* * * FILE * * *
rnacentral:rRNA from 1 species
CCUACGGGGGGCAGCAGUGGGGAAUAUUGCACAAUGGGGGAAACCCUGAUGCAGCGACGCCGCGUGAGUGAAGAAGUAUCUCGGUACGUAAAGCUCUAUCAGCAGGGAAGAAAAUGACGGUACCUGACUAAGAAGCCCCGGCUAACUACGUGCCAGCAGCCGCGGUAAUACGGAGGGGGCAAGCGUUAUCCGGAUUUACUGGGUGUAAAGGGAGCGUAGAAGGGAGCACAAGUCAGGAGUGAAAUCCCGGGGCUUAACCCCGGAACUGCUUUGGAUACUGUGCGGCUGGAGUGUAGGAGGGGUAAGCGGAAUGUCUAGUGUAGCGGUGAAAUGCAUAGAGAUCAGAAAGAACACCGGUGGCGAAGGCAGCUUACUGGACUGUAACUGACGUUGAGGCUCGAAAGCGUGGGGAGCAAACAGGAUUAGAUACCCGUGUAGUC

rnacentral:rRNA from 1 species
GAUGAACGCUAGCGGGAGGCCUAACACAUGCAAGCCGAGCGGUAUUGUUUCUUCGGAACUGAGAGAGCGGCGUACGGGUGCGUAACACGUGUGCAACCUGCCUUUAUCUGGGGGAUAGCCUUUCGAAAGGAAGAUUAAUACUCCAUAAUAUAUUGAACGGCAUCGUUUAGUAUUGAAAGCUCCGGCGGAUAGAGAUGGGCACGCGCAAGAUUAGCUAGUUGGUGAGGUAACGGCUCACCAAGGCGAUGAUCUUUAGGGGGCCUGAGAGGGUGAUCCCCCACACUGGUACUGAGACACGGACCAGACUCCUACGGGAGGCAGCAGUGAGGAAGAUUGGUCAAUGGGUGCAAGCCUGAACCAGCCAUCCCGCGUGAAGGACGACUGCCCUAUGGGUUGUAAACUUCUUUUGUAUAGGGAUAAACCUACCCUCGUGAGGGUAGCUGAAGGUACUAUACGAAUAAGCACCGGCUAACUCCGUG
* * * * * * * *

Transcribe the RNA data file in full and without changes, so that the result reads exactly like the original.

rnacentral:rRNA from 1 species
CCUACGGGGGGCAGCAGUGGGGAAUAUUGCACAAUGGGGGAAACCCUGAUGCAGCGACGCCGCGUGAGUGAAGAAGUAUCUCGGUACGUAAAGCUCUAUCAGCAGGGAAGAAAAUGACGGUACCUGACUAAGAAGCCCCGGCUAACUACGUGCCAGCAGCCGCGGUAAUACGGAGGGGGCAAGCGUUAUCCGGAUUUACUGGGUGUAAAGGGAGCGUAGAAGGGAGCACAAGUCAGGAGUGAAAUCCCGGGGCUUAACCCCGGAACUGCUUUGGAUACUGUGCGGCUGGAGUGUAGGAGGGGUAAGCGGAAUGUCUAGUGUAGCGGUGAAAUGCAUAGAGAUCAGAAAGAACACCGGUGGCGAAGGCAGCUUACUGGACUGUAACUGACGUUGAGGCUCGAAAGCGUGGGGAGCAAACAGGAUUAGAUACCCGUGUAGUC

rnacentral:rRNA from 1 species
GAUGAACGCUAGCGGGAGGCCUAACACAUGCAAGCCGAGCGGUAUUGUUUCUUCGGAACUGAGAGAGCGGCGUACGGGUGCGUAACACGUGUGCAACCUGCCUUUAUCUGGGGGAUAGCCUUUCGAAAGGAAGAUUAAUACUCCAUAAUAUAUUGAACGGCAUCGUUUAGUAUUGAAAGCUCCGGCGGAUAGAGAUGGGCACGCGCAAGAUUAGCUAGUUGGUGAGGUAACGGCUCACCAAGGCGAUGAUCUUUAGGGGGCCUGAGAGGGUGAUCCCCCACACUGGUACUGAGACACGGACCAGACUCCUACGGGAGGCAGCAGUGAGGAAGAUUGGUCAAUGGGUGCAAGCCUGAACCAGCCAUCCCGCGUGAAGGACGACUGCCCUAUGGGUUGUAAACUUCUUUUGUAUAGGGAUAAACCUACCCUCGUGAGGGUAGCUGAAGGUACUAUACGAAUAAGCACCGGCUAACUCCGUG